Leaving the governor’s mansion hasn’t kept Scott Walker out of the spotlight.
Walker drew national attention shortly after leaving office when he squared off with U.S. Rep. Alexandria Ocasio-Cortez, D-New York, over marginal tax rates. Ocasio-Cortez, a self-described democratic socialist, has captured attention for an array of outside-the-box ideas, including those on taxes.
They included this Walker tweet on Jan. 16, 2019:
"During the 3 times the top marginal tax rates were lowered in the 20th century (Harding/Coolidge, JFK/LBJ & Reagan) revenues actually went up while the economy improved in America."
Has lowering the highest tax rates really been such an economic boost? Let’s sort out the facts from the hyperbole.
Let’s learn about tax rates
We’ll start with the basics — what the heck are marginal tax rates?
Not all earnings are taxed the same. For 2019, singles pay a 10 percent federal income tax on the first $9,700 they earn, 12 percent on anything from there to $39,475 and so forth. The highest tax rate is 37 percent, which is for any earnings over $510,300.
Those are called marginal tax rates — rates that apply only within a specific margin of income. Here’s the full list of tax brackets and income cutoffs for 2019, according to the Tax Foundation.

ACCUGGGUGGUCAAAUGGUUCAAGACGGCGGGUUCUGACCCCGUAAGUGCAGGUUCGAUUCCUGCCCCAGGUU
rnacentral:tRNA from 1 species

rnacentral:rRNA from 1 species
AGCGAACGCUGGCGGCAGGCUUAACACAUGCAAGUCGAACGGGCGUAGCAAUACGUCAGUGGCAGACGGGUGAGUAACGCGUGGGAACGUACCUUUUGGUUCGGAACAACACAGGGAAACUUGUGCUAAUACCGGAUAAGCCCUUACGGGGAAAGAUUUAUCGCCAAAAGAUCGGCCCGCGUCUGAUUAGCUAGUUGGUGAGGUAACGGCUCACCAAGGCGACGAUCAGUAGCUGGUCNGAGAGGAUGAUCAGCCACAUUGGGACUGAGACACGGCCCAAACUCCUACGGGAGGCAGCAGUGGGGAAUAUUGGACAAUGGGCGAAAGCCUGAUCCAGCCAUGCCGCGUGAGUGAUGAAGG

This topic came to the fore when Ocasio-Cortez discussed raising the top marginal tax rate to 70 percent for earnings above $10 million in an appearance on CBS’ 60 Minutes.
That would mean someone with $15 million in taxable earnings would pay the 70 percent rate on $5 million, and lower rates on the rest.
Mark Mazur, director of the Urban Institute-Brookings Institution Tax Policy Center, told PolitiFact National about 16,000 Americans have earnings in that category. Their $244 billion in income above the threshold at a 70 percent rate would bring in an added $72 billion a year.
That brings us to our statement, where Walker argues against raising the marginal tax rate by asserting lower rates previously boosted the economy.
Asked for supporting evidence, Walker spokesman Tom Evenson pointed to increases in tax revenue that followed marginal tax cuts in the 1920s under Warren G. Harding and Calvin Coolidge, the 1960s under John F. Kennedy and Lyndon B. Johnson and the 1980s under Ronald Reagan.
Dissecting tax policy admittedly gets deep into partisanship and competing economic theories, so we turned to a group of experts to assess whether Walker’s argument is reasonable.
They consistently warned against drawing a line between particular policies and outcomes.
"Economies grow and decline for a complex set of reasons," said Andrew Reschovsky, professor emeritus of public affairs and applied economics at the University of Wisconsin. "One must be very careful in attributing any economic change to a specific policy."
William Gale, co-director of the centrist Urban Institute-Brookings Institution Tax Policy Center in Washington, D.C., said the 1960s cuts were a good example of that.
"There was a big boost in domestic spending and a big boost in defense spending … and there were tax cuts," he said. "So it’s very difficult to say one of them mattered and none of the others did, or even that the effect of the tax cuts on revenue was positive, because there were so many other factors raising revenue."